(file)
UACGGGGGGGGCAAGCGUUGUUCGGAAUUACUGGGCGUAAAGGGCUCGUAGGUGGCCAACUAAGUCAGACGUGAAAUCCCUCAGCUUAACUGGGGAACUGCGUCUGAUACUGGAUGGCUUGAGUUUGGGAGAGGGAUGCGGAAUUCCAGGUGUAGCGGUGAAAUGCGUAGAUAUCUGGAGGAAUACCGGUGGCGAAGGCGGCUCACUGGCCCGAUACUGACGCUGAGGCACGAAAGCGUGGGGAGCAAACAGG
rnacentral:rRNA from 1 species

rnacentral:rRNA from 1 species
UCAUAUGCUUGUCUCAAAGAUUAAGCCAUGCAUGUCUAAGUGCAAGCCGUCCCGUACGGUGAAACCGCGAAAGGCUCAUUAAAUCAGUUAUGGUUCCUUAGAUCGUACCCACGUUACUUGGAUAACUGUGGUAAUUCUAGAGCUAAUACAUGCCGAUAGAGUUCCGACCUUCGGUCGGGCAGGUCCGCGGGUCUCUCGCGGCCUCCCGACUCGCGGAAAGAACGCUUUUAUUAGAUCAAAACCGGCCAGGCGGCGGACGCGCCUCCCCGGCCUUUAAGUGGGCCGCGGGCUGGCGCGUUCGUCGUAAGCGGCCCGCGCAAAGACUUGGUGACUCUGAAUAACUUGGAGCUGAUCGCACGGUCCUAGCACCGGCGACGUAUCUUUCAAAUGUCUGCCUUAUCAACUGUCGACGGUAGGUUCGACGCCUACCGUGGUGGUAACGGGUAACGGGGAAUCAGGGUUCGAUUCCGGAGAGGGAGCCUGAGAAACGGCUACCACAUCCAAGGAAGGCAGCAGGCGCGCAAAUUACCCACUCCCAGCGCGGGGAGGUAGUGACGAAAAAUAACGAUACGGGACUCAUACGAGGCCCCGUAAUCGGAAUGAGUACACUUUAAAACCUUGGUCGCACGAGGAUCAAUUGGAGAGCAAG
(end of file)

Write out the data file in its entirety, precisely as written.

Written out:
UACGGGGGGGGCAAGCGUUGUUCGGAAUUACUGGGCGUAAAGGGCUCGUAGGUGGCCAACUAAGUCAGACGUGAAAUCCCUCAGCUUAACUGGGGAACUGCGUCUGAUACUGGAUGGCUUGAGUUUGGGAGAGGGAUGCGGAAUUCCAGGUGUAGCGGUGAAAUGCGUAGAUAUCUGGAGGAAUACCGGUGGCGAAGGCGGCUCACUGGCCCGAUACUGACGCUGAGGCACGAAAGCGUGGGGAGCAAACAGG
rnacentral:rRNA from 1 species

rnacentral:rRNA from 1 species
UCAUAUGCUUGUCUCAAAGAUUAAGCCAUGCAUGUCUAAGUGCAAGCCGUCCCGUACGGUGAAACCGCGAAAGGCUCAUUAAAUCAGUUAUGGUUCCUUAGAUCGUACCCACGUUACUUGGAUAACUGUGGUAAUUCUAGAGCUAAUACAUGCCGAUAGAGUUCCGACCUUCGGUCGGGCAGGUCCGCGGGUCUCUCGCGGCCUCCCGACUCGCGGAAAGAACGCUUUUAUUAGAUCAAAACCGGCCAGGCGGCGGACGCGCCUCCCCGGCCUUUAAGUGGGCCGCGGGCUGGCGCGUUCGUCGUAAGCGGCCCGCGCAAAGACUUGGUGACUCUGAAUAACUUGGAGCUGAUCGCACGGUCCUAGCACCGGCGACGUAUCUUUCAAAUGUCUGCCUUAUCAACUGUCGACGGUAGGUUCGACGCCUACCGUGGUGGUAACGGGUAACGGGGAAUCAGGGUUCGAUUCCGGAGAGGGAGCCUGAGAAACGGCUACCACAUCCAAGGAAGGCAGCAGGCGCGCAAAUUACCCACUCCCAGCGCGGGGAGGUAGUGACGAAAAAUAACGAUACGGGACUCAUACGAGGCCCCGUAAUCGGAAUGAGUACACUUUAAAACCUUGGUCGCACGAGGAUCAAUUGGAGAGCAAG